After the Wagner Group's march on Moscow in June, Yevgeny's Prigozhin's star fell somewhat - Sky's Dominic Waghorn explains.
Russians pay respects to Wagner boss at makeshift memorial
People have been laying down flowers, messages and teddy bears at a makeshift memorial for Wagner mercenary chief Yevgeny Prigozhin near the former PMC Wagner Centre in Saint Petersburg, Russia, this evening.
Crowds also formed a line outside the building to pay their respects.
Watch: What do we know on Prigozhin's downed plane?
Who else was on the crashed Russian private jet?
Ten bodies have been recovered from the site of a Russian plane crash, state media has said, with a number of high-profile members of the Wagner mercenary group reportedly on board.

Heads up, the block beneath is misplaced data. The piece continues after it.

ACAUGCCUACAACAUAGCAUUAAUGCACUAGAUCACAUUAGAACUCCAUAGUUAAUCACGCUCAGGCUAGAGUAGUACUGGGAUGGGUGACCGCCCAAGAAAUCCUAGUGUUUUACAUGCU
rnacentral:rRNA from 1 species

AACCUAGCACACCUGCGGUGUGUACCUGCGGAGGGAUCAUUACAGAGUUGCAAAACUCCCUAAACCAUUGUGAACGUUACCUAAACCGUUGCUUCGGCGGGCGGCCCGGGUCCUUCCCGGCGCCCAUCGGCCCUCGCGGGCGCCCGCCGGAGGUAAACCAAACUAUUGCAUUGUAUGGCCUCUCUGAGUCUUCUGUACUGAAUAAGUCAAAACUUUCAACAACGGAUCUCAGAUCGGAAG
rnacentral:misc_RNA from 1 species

Seven passengers and three crew were on board the Embraer aircraft, and all were killed, Russian authorities said - although Wagner boss Yevgeny Prigozhin's death has yet to be officially confirmed.
The plane was heading from Moscow to St Petersburg before it came down near the village of Kuzhenkino Tver.
Sky News looks at who was on the plane's manifest, released by Russia's civilian aviation regulator:
Prigozhin 'dead', what next for Putin and Ukraine?
Russians have been paying tribute to Yevgeny Prigozhin after it was reportedthe Wagner leader was among 10 people who died when a private jet crashed near Moscow yesterday.
On the Sky News Daily, Niall Paterson takes a deep dive into what itmeans forVladimir Putin'shold on power,the war in Ukraine and whether it's the end of the Wagner group.
Niall is joined by our international affairs editor Dominic Waghorn and military analyst Sean Bell.